Against vain and worldly learning



SON, be not moved with the fine and subtle sayings of men for the Kingdom of God is not in speech, but in power (1 Cor 4:20).

Attend to my words which inflame the heart and enlighten the mind, which excite to compunction and afford manifold consolations.

Never read anything that thou mayest appear more learned or more wise.

Study rather to mortify thy vices, for this will avail thee more than the being able to answer many hard questions thou must always return to one beginning.

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Latin grammar

I will say at once, quite firmly, that the best grounding for education is the Latin grammar. I say this, not because Latin is traditional and medieval, but simply because even a rudimentary knowledge of Latin cuts down the labour and pains of learning almost any other subject by at least fifty per cent. It is the key to the vocabulary and structure of all the Romance languages and to the structure of all the Teutonic languages, as well as to the technical vocabulary of all the sciences and to the literature of the entire Mediterranean civilisation, together with all its historical documents.

Dorothy Sayers, The Lost Tools of Learning (Paper read at a Vacation Course in Education Oxford, 1947)


[W]hen we look at the shameless abuse made, in print and on the platform, of controversial expressions with shifting and ambiguous connotations, we may feel it in our hearts to wish that every reader and hearer had been so defensively armoured by his education as to be able to cry: Distinguo.

For we let our young men and women go out unarmed, in a day when armour was never so necessary. By teaching them all to read, we have left them at the mercy of the printed word. By the invention of the film and the radio, we have made certain that no aversion to reading shall secure them from the incessant battery of words, words, words. They do not know what the words mean; they do not know how to ward them off or blunt their edge or fling them back; they are a prey to words in their emotions instead of being the masters of them in their intellects. We who were scandalised in 1940 when men were sent to fight armoured tanks with rifles, are not scandalised when young men and women are sent into the world to fight massed propaganda with a smattering of “subjects”; and when whole classes and whole nations become hypnotised by the arts of the spell-binder, we have the impudence to be astonished."

We dole out lip-service to the importance of education — lip-service and, just occasionally, a little grant of money; we postpone the school leaving-age, and plan to build bigger and better schools; the teachers slave conscientiously in and out of school-hours, till responsibility becomes a burden and a nightmare; and yet, as I believe, all this devoted effort is largely frustrated, because we have lost the tools of learning, and in their absence can only make a botched and piecemeal job of it. … Distinguo. I should like every term in that proposition defined.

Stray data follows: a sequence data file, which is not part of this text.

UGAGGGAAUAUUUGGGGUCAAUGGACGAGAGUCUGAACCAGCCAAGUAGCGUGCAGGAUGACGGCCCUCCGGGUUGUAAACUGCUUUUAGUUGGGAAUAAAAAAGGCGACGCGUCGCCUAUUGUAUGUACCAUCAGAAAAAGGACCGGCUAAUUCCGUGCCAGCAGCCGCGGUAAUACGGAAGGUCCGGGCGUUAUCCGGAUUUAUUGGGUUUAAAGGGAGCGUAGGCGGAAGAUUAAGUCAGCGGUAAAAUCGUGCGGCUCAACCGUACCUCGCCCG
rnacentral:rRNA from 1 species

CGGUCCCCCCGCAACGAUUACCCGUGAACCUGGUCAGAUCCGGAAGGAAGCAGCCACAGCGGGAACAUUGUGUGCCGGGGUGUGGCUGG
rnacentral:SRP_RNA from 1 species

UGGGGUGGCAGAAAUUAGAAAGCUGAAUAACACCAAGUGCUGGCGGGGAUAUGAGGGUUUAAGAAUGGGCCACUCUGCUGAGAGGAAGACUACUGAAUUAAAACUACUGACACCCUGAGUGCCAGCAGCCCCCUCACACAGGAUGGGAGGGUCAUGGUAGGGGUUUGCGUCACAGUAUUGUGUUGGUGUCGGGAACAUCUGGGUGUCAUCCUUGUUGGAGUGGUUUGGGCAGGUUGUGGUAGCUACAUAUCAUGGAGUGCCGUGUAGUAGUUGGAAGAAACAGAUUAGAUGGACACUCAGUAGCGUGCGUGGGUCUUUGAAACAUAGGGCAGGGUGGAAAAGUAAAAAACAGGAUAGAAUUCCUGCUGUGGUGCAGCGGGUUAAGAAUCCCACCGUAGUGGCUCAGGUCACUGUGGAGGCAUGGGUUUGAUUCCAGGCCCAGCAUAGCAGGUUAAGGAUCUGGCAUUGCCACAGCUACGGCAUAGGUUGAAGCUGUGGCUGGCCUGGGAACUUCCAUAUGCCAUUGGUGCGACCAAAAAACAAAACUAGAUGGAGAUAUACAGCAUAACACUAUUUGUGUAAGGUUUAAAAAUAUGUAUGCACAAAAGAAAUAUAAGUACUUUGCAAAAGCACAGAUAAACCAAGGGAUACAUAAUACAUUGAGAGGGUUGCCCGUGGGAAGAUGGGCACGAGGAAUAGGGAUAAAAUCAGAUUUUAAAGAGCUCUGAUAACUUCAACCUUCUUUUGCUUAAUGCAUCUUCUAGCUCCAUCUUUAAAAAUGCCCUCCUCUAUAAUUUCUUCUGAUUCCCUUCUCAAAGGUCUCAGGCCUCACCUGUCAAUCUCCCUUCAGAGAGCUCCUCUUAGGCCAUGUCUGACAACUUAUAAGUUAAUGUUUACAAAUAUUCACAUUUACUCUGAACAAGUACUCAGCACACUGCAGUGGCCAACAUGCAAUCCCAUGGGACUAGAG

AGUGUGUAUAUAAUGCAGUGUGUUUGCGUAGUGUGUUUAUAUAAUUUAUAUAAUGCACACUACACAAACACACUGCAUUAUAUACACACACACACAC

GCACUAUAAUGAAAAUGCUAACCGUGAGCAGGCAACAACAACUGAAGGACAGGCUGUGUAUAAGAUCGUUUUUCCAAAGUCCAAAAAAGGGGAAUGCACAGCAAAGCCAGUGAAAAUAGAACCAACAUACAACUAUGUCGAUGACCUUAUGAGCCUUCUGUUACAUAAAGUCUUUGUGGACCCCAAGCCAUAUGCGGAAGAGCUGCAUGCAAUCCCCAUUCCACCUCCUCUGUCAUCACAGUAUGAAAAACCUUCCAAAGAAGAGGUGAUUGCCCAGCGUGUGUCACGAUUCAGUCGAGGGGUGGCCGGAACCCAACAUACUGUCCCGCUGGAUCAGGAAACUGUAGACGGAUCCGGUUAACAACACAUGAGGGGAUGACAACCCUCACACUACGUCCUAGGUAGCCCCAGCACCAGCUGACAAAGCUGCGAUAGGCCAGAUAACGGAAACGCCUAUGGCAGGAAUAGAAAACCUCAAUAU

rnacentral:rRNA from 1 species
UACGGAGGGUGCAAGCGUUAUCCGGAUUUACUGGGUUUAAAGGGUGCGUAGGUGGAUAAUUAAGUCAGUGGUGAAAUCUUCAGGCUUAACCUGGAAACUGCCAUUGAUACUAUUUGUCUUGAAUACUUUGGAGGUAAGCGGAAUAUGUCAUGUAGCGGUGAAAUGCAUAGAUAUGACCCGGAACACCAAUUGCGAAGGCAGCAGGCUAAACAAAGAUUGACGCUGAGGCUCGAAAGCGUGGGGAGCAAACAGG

Dorothy Sayers, The Lost Tools of Learning (Paper read at a Vacation Course in Education Oxford, 1947)

La petite fleur and Archimedes

Is it not in prayer that the likes of Saint Paul, Augustine, John of the Cross, Thomas, Francis, Dominic and innumerable other illustrious friends of God have drawn this divine learning, which ravished the greatest geniuses? A savant said, “Give me a lever and a fulcrum on which to place it, and I shall move the world.” What Archimedes was not able to obtain, because his request was not addressed to God and was only made from the material point of view, the saints obtained it in all its plenitude. The Almighty gave them for a fulcrum HIMSELF and HIM ALONE; for a leaver, prayer, which burns with the fire of love — and it is thus that they moved the world; it is thus that the saints still in the world move it and thus that, until the end of the world, the saints to come will move it also.

St Thérèse of Lisieux, Story of a Soul, End of manuscript C

“Better the love of God than knowledge or disputation”

In all things that we work or think, be we more taking heed to the love of God than to knowledge or disputation. Love truly delights the soul and makes conscience sweet, drawing it from love of lusty things here beneath, and from desire of man’s own excellence. Knowledge without charity builds not to endless health but puffs up to most wretched undoing.

… Wherefore let us seek rather that the love of Christ burn within us than that we take heed to unprofitable disputation. Whiles truly we take heed to unmannerly seeking, we feel not the sweetness of the eternal savour. Wherefore many now so mickle savour in the burning of knowledge and not of love, that plainly they know not what love is, or of what savour; although the labour of all their study ought to spread unto this end, that they might burn in the love of God.

Bl Richard Rolle (c. 1300–1349), The Fire of Love, chapter 5